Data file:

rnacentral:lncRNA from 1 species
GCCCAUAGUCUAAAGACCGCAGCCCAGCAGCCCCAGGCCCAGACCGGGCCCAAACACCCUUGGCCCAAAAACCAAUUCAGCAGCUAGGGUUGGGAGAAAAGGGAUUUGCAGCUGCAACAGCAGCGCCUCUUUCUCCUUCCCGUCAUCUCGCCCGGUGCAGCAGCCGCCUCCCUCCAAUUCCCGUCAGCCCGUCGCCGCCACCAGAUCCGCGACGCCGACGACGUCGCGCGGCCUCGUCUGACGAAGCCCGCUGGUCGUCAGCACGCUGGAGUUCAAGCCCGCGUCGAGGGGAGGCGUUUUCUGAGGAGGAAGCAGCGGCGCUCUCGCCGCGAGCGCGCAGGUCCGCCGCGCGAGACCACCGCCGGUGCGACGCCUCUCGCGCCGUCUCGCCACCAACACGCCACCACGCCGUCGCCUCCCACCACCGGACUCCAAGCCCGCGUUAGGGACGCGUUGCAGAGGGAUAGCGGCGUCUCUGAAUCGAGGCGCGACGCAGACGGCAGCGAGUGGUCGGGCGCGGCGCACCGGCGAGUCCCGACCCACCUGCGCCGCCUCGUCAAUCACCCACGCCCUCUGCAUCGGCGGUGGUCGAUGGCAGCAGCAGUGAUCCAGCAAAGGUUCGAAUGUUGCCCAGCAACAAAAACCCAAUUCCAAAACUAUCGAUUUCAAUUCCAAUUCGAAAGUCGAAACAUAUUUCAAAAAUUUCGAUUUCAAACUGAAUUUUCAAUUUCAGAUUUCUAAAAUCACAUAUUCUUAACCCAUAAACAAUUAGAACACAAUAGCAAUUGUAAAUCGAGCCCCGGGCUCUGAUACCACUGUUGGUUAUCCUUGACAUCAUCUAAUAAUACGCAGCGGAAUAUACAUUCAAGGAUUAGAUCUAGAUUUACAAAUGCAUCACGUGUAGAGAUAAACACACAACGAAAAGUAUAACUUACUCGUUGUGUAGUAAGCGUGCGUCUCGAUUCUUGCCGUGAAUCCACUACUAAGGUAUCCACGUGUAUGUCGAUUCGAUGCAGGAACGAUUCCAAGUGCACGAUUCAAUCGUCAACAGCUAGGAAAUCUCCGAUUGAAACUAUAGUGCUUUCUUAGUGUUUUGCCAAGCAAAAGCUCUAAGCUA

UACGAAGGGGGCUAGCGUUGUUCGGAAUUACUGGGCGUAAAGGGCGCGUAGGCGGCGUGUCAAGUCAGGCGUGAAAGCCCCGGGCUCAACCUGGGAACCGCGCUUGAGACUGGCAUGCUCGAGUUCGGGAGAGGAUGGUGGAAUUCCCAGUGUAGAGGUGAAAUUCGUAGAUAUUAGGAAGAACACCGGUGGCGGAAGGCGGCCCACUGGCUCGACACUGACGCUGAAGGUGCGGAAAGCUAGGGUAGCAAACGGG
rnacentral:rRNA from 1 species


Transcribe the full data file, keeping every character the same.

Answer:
rnacentral:lncRNA from 1 species
GCCCAUAGUCUAAAGACCGCAGCCCAGCAGCCCCAGGCCCAGACCGGGCCCAAACACCCUUGGCCCAAAAACCAAUUCAGCAGCUAGGGUUGGGAGAAAAGGGAUUUGCAGCUGCAACAGCAGCGCCUCUUUCUCCUUCCCGUCAUCUCGCCCGGUGCAGCAGCCGCCUCCCUCCAAUUCCCGUCAGCCCGUCGCCGCCACCAGAUCCGCGACGCCGACGACGUCGCGCGGCCUCGUCUGACGAAGCCCGCUGGUCGUCAGCACGCUGGAGUUCAAGCCCGCGUCGAGGGGAGGCGUUUUCUGAGGAGGAAGCAGCGGCGCUCUCGCCGCGAGCGCGCAGGUCCGCCGCGCGAGACCACCGCCGGUGCGACGCCUCUCGCGCCGUCUCGCCACCAACACGCCACCACGCCGUCGCCUCCCACCACCGGACUCCAAGCCCGCGUUAGGGACGCGUUGCAGAGGGAUAGCGGCGUCUCUGAAUCGAGGCGCGACGCAGACGGCAGCGAGUGGUCGGGCGCGGCGCACCGGCGAGUCCCGACCCACCUGCGCCGCCUCGUCAAUCACCCACGCCCUCUGCAUCGGCGGUGGUCGAUGGCAGCAGCAGUGAUCCAGCAAAGGUUCGAAUGUUGCCCAGCAACAAAAACCCAAUUCCAAAACUAUCGAUUUCAAUUCCAAUUCGAAAGUCGAAACAUAUUUCAAAAAUUUCGAUUUCAAACUGAAUUUUCAAUUUCAGAUUUCUAAAAUCACAUAUUCUUAACCCAUAAACAAUUAGAACACAAUAGCAAUUGUAAAUCGAGCCCCGGGCUCUGAUACCACUGUUGGUUAUCCUUGACAUCAUCUAAUAAUACGCAGCGGAAUAUACAUUCAAGGAUUAGAUCUAGAUUUACAAAUGCAUCACGUGUAGAGAUAAACACACAACGAAAAGUAUAACUUACUCGUUGUGUAGUAAGCGUGCGUCUCGAUUCUUGCCGUGAAUCCACUACUAAGGUAUCCACGUGUAUGUCGAUUCGAUGCAGGAACGAUUCCAAGUGCACGAUUCAAUCGUCAACAGCUAGGAAAUCUCCGAUUGAAACUAUAGUGCUUUCUUAGUGUUUUGCCAAGCAAAAGCUCUAAGCUA

UACGAAGGGGGCUAGCGUUGUUCGGAAUUACUGGGCGUAAAGGGCGCGUAGGCGGCGUGUCAAGUCAGGCGUGAAAGCCCCGGGCUCAACCUGGGAACCGCGCUUGAGACUGGCAUGCUCGAGUUCGGGAGAGGAUGGUGGAAUUCCCAGUGUAGAGGUGAAAUUCGUAGAUAUUAGGAAGAACACCGGUGGCGGAAGGCGGCCCACUGGCUCGACACUGACGCUGAAGGUGCGGAAAGCUAGGGUAGCAAACGGG
rnacentral:rRNA from 1 species